I believe G Gundam did decently, actually. Maybe SEED moved a few units, probably even Gundam 00. But Bandai was dissatisfied. They had licensed out a flagship property, gave Americans (and our wooly Northern brethren in Canadia, home of Andrew Graham's Lumber Gundam) the privledge of watching beloved classic Japanese cartoons like the original Gundam series, like Zeta Gundam. And they landed on our shores with a resounding thud. The original Gundam aired on Toonami, garnered little ratings (though I maintain that ratings on a cartoon channel are utterly meaningless and just an excuse to move around programs certain people at the channel like or dislike), and was cancelled "because 9/11" (sure it was, CN). Then it aired again and, if I recall correctly, Cartoon Network had the decency to admit it just had poor ratings (though, again, I doubt they cared if it did or not). It being a show from 1979 that nobody here grew up on probably alienated a lot of potential viewers, and it was barely advertised. Not everything the Japanese maintain is a classic will be embraced here, but stubbornly, after many similar setbacks and disappointments, Bandai Entertainment folded. The last Gundam show to even grace North American airwaves was Gundam 00, which aired on the Sci-Fi... Syfy... whatever that abomination is calling itself these days, in 2008.
"Next on TCBY: Sharknado 3! Tara Reid toppings."
So, let's be honest with ourselves here: The Right Stuf is gambling. But how much a gamble? It seems to me likely that they'll be passing the risk onto the customer. That is to say, I expect to have to pay for these like Char paid for Axis: cases of gold bricks. I will be very shocked if I don't see Aniplex-esque (or hell, let's just say it, Bandai Visual/Honneamise) prices for many of these titles, especially if any of them get Blu-Ray releases. Or else the wait for these will be long and arduous. And who's to say we even see physical releases for all of these? They can slap some of the older, riskier titles onto Hulu or Crunchyroll, and make money off the ad revenue, while enticing us with Gunpla and other sundries.
How many bought versus how many actually used, you figure?
To be even more stunningly frank: we should be glad if they do. I don't want to lower our expectations, make us swallow any little drop of sweet, sweet Gundam we can't brown bag because the people on the streets can smell it on us, but Gundam has come and gone, and now that it's back, I don't want to regret the mistakes of my youth again. I have my dignity (I think), but I can't be more plain about this: I want Turn A, I want Zeta on Blu-Ray, I want The Origin. I want physical copies. I can't imagine the prices will be quite as painful as wanting just four episodes of Kill la Kill and finding that somehow post cards somehow double the price of a Blu-Ray (yes, even the standard edition is too expensive for 2014), anyway, so what's a few extra dollars to see the tears of time? But I'll stream. If I can't afford, I'll stream. If I can, I won't cheap out. I'm only a man, Sunrise. And if you can only afford to stream? That's not optimal. I'll gripe, I'll stomp my feet. But I'll watch. I have my preference in physical media, of course, but it's amazing Sunrise will even give this a chance here again.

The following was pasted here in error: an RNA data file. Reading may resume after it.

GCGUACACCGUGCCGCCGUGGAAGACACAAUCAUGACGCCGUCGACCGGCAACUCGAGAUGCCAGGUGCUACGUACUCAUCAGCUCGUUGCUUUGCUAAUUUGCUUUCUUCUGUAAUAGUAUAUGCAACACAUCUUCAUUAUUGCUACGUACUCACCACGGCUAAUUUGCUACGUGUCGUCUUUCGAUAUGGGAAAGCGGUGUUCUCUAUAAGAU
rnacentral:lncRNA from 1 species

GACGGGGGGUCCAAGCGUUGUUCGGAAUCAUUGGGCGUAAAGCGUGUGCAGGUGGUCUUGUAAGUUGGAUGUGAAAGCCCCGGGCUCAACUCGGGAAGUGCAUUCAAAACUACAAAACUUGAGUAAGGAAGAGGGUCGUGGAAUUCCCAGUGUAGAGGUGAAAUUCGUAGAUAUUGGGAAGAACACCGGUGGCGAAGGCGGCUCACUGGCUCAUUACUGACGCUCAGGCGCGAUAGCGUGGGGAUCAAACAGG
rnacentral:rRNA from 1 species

Oh, and... uh, is there any chance of getting cheaper Gundam Unicorn Blu-Rays yet? Those things are only going to go up in price at this point, guys. I'd like to finish my collection on one format, but those last two volumes are astronomically expensive, and I'm an out of work freelance writer (do without? What's that?)! What am I, a member of the Ronah family here? I tried to go to that rally and got out of there because of the Ash Like Snow. Ten Years Later and I may not Trust You Forever, but let's face it, you're The Winner, so put on that Silver Dress, It's Just Love.
Uh... where was I going with this? There's a difference between dropping reference and dropping all semblance of coherence. And I think that line is a Distant Memory that's Beyond The Time! (Okay, okay... sorry about that. I just wanted to give this a Human Touch.)
Aw, I'm just Goufin' around. It's not Love Today, but I Trust You like a Zabi trusts A CHAR.
Damn it, I keep doing that!
Bottom line, Last Impression (!), my love for Gundam is Everlasting, but save your lofty expectations for your Dreams, Sunrise. Myself? I WANNA HAVE A PURE TIME, EVERYONE'S A NOBLE MIND.
Better days are coming.
Blame it on the misfortune of your birth!
- Penguin Truth